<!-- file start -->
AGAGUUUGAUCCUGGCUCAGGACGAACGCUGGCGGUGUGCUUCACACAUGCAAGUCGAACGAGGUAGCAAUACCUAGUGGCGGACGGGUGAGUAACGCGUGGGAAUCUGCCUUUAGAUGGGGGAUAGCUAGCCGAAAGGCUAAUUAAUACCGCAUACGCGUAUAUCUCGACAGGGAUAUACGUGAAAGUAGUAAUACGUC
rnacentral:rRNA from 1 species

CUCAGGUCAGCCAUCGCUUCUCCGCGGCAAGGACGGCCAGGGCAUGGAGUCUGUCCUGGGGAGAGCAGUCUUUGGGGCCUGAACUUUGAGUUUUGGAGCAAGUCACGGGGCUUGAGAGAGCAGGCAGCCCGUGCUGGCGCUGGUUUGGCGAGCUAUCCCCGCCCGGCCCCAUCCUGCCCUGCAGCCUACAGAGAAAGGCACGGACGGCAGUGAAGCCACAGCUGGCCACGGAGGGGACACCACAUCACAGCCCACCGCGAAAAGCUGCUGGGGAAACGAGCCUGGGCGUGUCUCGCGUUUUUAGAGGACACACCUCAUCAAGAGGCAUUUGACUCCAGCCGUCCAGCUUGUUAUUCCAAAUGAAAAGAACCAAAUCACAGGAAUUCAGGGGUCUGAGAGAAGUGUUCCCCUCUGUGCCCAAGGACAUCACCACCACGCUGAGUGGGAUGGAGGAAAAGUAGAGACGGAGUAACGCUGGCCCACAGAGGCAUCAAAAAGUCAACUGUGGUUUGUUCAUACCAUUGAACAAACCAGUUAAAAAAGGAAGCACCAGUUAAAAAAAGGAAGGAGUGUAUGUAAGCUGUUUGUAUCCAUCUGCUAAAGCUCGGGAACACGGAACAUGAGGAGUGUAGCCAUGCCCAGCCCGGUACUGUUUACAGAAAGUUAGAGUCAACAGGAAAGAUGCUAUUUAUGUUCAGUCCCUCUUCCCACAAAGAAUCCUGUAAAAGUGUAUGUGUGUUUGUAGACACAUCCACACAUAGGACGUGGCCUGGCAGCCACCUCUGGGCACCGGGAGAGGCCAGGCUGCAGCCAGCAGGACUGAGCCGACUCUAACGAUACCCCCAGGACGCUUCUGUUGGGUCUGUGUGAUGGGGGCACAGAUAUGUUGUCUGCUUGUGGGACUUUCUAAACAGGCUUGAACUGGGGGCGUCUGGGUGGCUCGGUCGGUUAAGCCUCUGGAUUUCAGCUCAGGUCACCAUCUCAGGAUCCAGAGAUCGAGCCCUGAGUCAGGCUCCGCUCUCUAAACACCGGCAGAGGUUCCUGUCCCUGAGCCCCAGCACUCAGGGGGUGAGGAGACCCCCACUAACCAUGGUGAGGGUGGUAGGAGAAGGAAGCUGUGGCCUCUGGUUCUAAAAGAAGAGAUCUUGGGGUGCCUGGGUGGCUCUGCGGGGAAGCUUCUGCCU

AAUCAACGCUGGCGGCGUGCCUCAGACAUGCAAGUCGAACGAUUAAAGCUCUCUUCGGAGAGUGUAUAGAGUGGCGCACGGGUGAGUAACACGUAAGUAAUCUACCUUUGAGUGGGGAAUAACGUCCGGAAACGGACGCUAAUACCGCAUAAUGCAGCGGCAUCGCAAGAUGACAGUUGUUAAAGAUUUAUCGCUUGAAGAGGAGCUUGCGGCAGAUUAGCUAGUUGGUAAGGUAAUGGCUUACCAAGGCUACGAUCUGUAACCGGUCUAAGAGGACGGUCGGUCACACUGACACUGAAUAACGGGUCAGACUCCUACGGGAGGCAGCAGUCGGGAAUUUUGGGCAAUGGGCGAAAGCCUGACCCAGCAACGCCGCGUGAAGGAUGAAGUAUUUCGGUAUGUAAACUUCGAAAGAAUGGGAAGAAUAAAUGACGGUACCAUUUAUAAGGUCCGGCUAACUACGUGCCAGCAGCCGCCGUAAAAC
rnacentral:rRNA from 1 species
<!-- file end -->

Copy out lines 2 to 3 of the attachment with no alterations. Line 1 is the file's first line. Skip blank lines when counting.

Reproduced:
rnacentral:rRNA from 1 species

CUCAGGUCAGCCAUCGCUUCUCCGCGGCAAGGACGGCCAGGGCAUGGAGUCUGUCCUGGGGAGAGCAGUCUUUGGGGCCUGAACUUUGAGUUUUGGAGCAAGUCACGGGGCUUGAGAGAGCAGGCAGCCCGUGCUGGCGCUGGUUUGGCGAGCUAUCCCCGCCCGGCCCCAUCCUGCCCUGCAGCCUACAGAGAAAGGCACGGACGGCAGUGAAGCCACAGCUGGCCACGGAGGGGACACCACAUCACAGCCCACCGCGAAAAGCUGCUGGGGAAACGAGCCUGGGCGUGUCUCGCGUUUUUAGAGGACACACCUCAUCAAGAGGCAUUUGACUCCAGCCGUCCAGCUUGUUAUUCCAAAUGAAAAGAACCAAAUCACAGGAAUUCAGGGGUCUGAGAGAAGUGUUCCCCUCUGUGCCCAAGGACAUCACCACCACGCUGAGUGGGAUGGAGGAAAAGUAGAGACGGAGUAACGCUGGCCCACAGAGGCAUCAAAAAGUCAACUGUGGUUUGUUCAUACCAUUGAACAAACCAGUUAAAAAAGGAAGCACCAGUUAAAAAAAGGAAGGAGUGUAUGUAAGCUGUUUGUAUCCAUCUGCUAAAGCUCGGGAACACGGAACAUGAGGAGUGUAGCCAUGCCCAGCCCGGUACUGUUUACAGAAAGUUAGAGUCAACAGGAAAGAUGCUAUUUAUGUUCAGUCCCUCUUCCCACAAAGAAUCCUGUAAAAGUGUAUGUGUGUUUGUAGACACAUCCACACAUAGGACGUGGCCUGGCAGCCACCUCUGGGCACCGGGAGAGGCCAGGCUGCAGCCAGCAGGACUGAGCCGACUCUAACGAUACCCCCAGGACGCUUCUGUUGGGUCUGUGUGAUGGGGGCACAGAUAUGUUGUCUGCUUGUGGGACUUUCUAAACAGGCUUGAACUGGGGGCGUCUGGGUGGCUCGGUCGGUUAAGCCUCUGGAUUUCAGCUCAGGUCACCAUCUCAGGAUCCAGAGAUCGAGCCCUGAGUCAGGCUCCGCUCUCUAAACACCGGCAGAGGUUCCUGUCCCUGAGCCCCAGCACUCAGGGGGUGAGGAGACCCCCACUAACCAUGGUGAGGGUGGUAGGAGAAGGAAGCUGUGGCCUCUGGUUCUAAAAGAAGAGAUCUUGGGGUGCCUGGGUGGCUCUGCGGGGAAGCUUCUGCCU